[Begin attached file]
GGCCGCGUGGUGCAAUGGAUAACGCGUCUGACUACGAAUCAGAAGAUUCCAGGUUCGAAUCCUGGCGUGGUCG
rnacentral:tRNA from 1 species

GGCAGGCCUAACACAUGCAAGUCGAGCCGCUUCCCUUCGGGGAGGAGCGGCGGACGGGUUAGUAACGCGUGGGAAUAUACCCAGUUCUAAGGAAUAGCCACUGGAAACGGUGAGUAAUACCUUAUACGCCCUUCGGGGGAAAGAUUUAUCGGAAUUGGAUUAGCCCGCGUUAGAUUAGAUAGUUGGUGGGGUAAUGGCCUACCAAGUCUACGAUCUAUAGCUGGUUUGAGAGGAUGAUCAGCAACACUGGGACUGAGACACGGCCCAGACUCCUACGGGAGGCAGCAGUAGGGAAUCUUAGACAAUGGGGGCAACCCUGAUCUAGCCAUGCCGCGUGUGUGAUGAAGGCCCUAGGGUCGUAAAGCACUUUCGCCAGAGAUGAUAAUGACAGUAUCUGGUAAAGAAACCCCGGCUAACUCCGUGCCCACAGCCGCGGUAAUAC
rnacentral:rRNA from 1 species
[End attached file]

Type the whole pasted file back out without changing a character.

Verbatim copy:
GGCCGCGUGGUGCAAUGGAUAACGCGUCUGACUACGAAUCAGAAGAUUCCAGGUUCGAAUCCUGGCGUGGUCG
rnacentral:tRNA from 1 species

GGCAGGCCUAACACAUGCAAGUCGAGCCGCUUCCCUUCGGGGAGGAGCGGCGGACGGGUUAGUAACGCGUGGGAAUAUACCCAGUUCUAAGGAAUAGCCACUGGAAACGGUGAGUAAUACCUUAUACGCCCUUCGGGGGAAAGAUUUAUCGGAAUUGGAUUAGCCCGCGUUAGAUUAGAUAGUUGGUGGGGUAAUGGCCUACCAAGUCUACGAUCUAUAGCUGGUUUGAGAGGAUGAUCAGCAACACUGGGACUGAGACACGGCCCAGACUCCUACGGGAGGCAGCAGUAGGGAAUCUUAGACAAUGGGGGCAACCCUGAUCUAGCCAUGCCGCGUGUGUGAUGAAGGCCCUAGGGUCGUAAAGCACUUUCGCCAGAGAUGAUAAUGACAGUAUCUGGUAAAGAAACCCCGGCUAACUCCGUGCCCACAGCCGCGGUAAUAC
rnacentral:rRNA from 1 species